Adjata Kamara is one of the 20 winners of the L’Oréal Foundation and UNESCO program called “For women in science,” which aims to increase the visibility of female researchers all around the world.
The Ivorian woman, 25, was selected for her work on biopesticides to safeguard yam crops, a root that is highly appreciated in sub-Saharan Africa.
Her childhood experience of watching her father’s mango crops destroyed by fungi ignited her enthusiasm for study.
Adjata stated, “It gives me the opportunity to present my study to other women and to other nations, and it somewhat strains me because I remind myself that now, I have to be a role model for young ladies in science.
According to Adjata, her objective is to create “biopesticides based on plant extracts, fungus, and bacteria.”
With advantageous microorganisms, “in order to remedy this abnormality that interferes with the growth of a plant that serves as the basis for a staple diet in various African regions without the use of pesticides.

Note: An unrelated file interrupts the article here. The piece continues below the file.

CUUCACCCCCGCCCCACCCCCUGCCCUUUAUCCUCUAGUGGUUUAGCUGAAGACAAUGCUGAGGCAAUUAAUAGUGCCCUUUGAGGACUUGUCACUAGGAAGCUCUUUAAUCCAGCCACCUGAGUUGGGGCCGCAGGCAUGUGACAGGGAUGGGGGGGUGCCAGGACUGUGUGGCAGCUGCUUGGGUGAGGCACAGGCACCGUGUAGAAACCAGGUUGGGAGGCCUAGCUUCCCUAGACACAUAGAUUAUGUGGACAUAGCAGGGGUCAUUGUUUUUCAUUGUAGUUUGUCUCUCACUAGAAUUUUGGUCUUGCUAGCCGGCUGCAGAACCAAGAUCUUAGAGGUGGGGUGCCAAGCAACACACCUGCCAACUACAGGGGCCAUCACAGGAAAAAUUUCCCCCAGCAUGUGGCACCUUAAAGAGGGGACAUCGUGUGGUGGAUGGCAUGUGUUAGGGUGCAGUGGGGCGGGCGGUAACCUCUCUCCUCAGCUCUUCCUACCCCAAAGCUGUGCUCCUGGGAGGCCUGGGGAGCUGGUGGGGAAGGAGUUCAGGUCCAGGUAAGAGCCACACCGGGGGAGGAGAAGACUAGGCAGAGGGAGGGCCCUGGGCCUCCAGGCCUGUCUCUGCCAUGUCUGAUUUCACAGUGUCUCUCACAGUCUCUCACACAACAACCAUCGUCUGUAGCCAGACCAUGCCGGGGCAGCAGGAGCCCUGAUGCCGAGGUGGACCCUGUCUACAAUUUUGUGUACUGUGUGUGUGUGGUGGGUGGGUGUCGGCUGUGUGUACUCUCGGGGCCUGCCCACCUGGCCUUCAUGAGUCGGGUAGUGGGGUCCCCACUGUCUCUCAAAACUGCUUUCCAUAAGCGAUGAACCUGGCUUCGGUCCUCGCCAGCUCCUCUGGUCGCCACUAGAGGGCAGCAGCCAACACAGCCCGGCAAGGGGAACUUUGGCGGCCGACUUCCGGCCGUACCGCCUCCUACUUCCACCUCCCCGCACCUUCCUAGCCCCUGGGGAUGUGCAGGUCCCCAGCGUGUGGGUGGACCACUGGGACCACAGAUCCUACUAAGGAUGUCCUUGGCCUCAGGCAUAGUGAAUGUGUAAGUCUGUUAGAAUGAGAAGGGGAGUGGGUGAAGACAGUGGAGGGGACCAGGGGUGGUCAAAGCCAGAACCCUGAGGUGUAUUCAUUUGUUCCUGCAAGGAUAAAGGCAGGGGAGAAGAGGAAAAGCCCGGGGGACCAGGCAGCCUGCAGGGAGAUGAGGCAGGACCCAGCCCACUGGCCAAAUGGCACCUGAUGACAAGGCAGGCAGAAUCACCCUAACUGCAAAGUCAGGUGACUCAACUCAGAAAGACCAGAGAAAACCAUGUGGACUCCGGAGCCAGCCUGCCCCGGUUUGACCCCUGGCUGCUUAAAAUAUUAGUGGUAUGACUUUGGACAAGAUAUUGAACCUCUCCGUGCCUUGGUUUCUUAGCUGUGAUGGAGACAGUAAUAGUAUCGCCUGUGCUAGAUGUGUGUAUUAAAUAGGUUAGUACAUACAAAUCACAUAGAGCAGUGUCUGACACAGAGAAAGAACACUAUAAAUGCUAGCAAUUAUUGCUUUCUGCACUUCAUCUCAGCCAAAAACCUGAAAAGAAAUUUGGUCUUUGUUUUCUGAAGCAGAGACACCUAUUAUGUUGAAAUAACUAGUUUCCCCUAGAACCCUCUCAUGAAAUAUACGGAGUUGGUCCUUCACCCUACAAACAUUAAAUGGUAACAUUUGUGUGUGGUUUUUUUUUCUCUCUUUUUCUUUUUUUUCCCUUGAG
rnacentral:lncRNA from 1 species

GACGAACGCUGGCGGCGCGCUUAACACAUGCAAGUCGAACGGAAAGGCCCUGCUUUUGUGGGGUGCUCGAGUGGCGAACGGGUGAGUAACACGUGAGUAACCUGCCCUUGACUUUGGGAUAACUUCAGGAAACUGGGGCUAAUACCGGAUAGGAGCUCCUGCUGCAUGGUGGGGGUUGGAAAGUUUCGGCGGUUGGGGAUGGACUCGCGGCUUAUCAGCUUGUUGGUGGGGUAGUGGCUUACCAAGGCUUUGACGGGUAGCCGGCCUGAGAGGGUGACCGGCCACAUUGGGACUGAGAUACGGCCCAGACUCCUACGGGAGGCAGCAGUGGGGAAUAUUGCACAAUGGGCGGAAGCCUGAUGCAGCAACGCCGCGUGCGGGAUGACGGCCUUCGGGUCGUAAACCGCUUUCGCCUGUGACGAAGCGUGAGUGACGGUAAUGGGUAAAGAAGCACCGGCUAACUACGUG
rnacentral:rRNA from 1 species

“I am involved in the creation of biopesticides based on fungus, bacteria, and plant extracts. However, these fungus and bacteria are supposedly advantageous, therefore I’m looking for ways to manage the fungi that attack yams after harvest “Adjata stated.
Adjata is one of the twenty winners from sub-Saharan Africa—excluding South Africa—of the For Women in Science Young Talent Prize. Each winner will get between 10,000 and 15,000 euros to support their research.
“My father had a mango plantation from a young age. Additionally, fungus invaded this farm,” he said.